Beatriz at Dinner – A Decent Attempt At Social Commentary

I gave away tickets to this awhile ago so it’s about time that I write something about it.

Synopsis: Beatriz, a self-effacing and spiritual immigrant from Mexico, has spent her adult life caring for the sick while neglecting herself. When her car breaks down and she is stranded at a client’s luxurious Newport Beach home overnight, her well-meaning employer Kathy insists she join them for a dinner party that evening. At an intimate and sumptuous celebration of her husband’s latest business venture, Beatriz is introduced to Doug Strutt, a ruthless billionaire real-estate developer. She listens uncomfortably while Doug brags about his aggressive business tactics, but when he boasts about shooting a rhino in Africa, she can no longer hold her tongue. As opposing world views collide over a dinner table, Beatriz’s pent up outrage spills out in a way that surprises even herself. (Elevation Pictures)

Starring: Salma Hayek, John Lithgow, and Connie Britton

Writer: Mike White

Director: Miguel Arteta

Rating: R

Running Time: 82mins

Trailer: 

We live in a different time (I don’t think I have to tell you that) so it’s only inevitable that a film arrives to try and speak to this new world. Beatriz (Hayek) is a modest-living Mexican immigrant who devotes her life towards the caring of others. Through a strange turn of events, she becomes stuck at her rich client Kathy (Britton) who is on the verge of hosting a dinner party for her wealthy friends. Suffice it to say that there was a contrast there with Beatriz and her surroundings.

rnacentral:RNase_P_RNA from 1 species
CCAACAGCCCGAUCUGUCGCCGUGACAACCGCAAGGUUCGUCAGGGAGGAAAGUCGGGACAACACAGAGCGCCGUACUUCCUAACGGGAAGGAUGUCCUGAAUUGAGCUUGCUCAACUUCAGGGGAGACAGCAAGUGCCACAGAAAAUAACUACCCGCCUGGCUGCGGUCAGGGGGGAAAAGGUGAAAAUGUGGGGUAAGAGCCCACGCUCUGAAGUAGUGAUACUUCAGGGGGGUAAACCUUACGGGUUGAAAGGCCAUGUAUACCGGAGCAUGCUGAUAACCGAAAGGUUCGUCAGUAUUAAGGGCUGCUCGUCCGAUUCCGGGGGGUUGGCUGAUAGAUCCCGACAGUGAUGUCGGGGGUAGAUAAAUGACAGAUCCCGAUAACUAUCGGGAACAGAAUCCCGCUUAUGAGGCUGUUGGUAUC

There was definitely a noticeable difference between Beatriz and the other members of the dinner party. She wears minimal makeup, dresses differently, and has a different attitude. Perhaps representing us, she never seemed to feel comfortable in this mansion and amongst these rich people. This was evident through a range of facial expressions and the awkward manner in which she would interact with the others which was understandable. What didn’t help either was the amount of wine that was consumed.

Things ramped up once one of Kathy’s husband Grant’s (David Warshofsky) business associates showed up. Doug Strutt (Lithgow) is a Donald Trump type businessman whom Beatriz is immediately at odds with. The mood became contentious but Beatriz didn’t care as she believed him to be the source of the Earth’s pain. This was a clash of different socioeconomic statuses, however, the rest of the party simply laughs this off and doesn’t take her seriously.

Seeing the two of them go at it was the best part of the film although the story feels like a leadup to this confrontation and doesn’t offer much else beyond that. The confrontation itself could have gone further as the social commentary was simply a rehash and lacked any impact. With a running time of only 82 minutes, there’s not much to be had character development wise, relying on the obvious parallels. Because the film is just the confrontation, it doesn’t provide much of an ending.

The acting was the best part of the film with Hayek and Lithgow being the standouts. Hayek was compelling to watch as the voice of the people. Her sheer discomfort with her surroundings was palpable thanks to her facial expressions and body language. Lithgow was great as Strutt. He was more of a one-dimensional character who he elevates above what it could have been with anyone else. Seeing these two actors go at it was fun to watch but with better material, could have gone another level.

Overall, this was a decent film, lacking a fleshed out story and characters while not going far enough with its message but is elevated by the performances of Salma Hayek and John Lithgow.

Score: 7/10

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